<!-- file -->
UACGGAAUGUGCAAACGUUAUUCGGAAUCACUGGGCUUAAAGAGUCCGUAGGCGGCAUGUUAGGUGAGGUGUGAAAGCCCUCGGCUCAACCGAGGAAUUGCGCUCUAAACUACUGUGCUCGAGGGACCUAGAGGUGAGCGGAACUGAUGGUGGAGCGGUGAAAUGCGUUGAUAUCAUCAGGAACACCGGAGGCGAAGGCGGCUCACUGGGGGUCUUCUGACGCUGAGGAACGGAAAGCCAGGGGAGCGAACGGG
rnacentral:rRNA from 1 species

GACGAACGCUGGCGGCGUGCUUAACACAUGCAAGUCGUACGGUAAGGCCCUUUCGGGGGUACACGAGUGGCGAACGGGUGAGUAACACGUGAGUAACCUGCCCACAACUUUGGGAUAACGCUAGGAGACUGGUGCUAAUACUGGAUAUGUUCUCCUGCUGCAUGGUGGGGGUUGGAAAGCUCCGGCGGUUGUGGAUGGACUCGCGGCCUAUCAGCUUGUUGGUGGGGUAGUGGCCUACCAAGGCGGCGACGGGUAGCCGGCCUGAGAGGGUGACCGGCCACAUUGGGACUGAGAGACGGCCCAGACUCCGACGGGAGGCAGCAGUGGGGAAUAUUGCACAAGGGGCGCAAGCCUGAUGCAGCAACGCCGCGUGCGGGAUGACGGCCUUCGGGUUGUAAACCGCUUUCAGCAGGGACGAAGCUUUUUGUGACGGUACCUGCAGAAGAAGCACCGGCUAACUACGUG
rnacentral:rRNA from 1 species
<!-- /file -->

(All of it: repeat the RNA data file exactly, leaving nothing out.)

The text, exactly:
UACGGAAUGUGCAAACGUUAUUCGGAAUCACUGGGCUUAAAGAGUCCGUAGGCGGCAUGUUAGGUGAGGUGUGAAAGCCCUCGGCUCAACCGAGGAAUUGCGCUCUAAACUACUGUGCUCGAGGGACCUAGAGGUGAGCGGAACUGAUGGUGGAGCGGUGAAAUGCGUUGAUAUCAUCAGGAACACCGGAGGCGAAGGCGGCUCACUGGGGGUCUUCUGACGCUGAGGAACGGAAAGCCAGGGGAGCGAACGGG
rnacentral:rRNA from 1 species

GACGAACGCUGGCGGCGUGCUUAACACAUGCAAGUCGUACGGUAAGGCCCUUUCGGGGGUACACGAGUGGCGAACGGGUGAGUAACACGUGAGUAACCUGCCCACAACUUUGGGAUAACGCUAGGAGACUGGUGCUAAUACUGGAUAUGUUCUCCUGCUGCAUGGUGGGGGUUGGAAAGCUCCGGCGGUUGUGGAUGGACUCGCGGCCUAUCAGCUUGUUGGUGGGGUAGUGGCCUACCAAGGCGGCGACGGGUAGCCGGCCUGAGAGGGUGACCGGCCACAUUGGGACUGAGAGACGGCCCAGACUCCGACGGGAGGCAGCAGUGGGGAAUAUUGCACAAGGGGCGCAAGCCUGAUGCAGCAACGCCGCGUGCGGGAUGACGGCCUUCGGGUUGUAAACCGCUUUCAGCAGGGACGAAGCUUUUUGUGACGGUACCUGCAGAAGAAGCACCGGCUAACUACGUG
rnacentral:rRNA from 1 species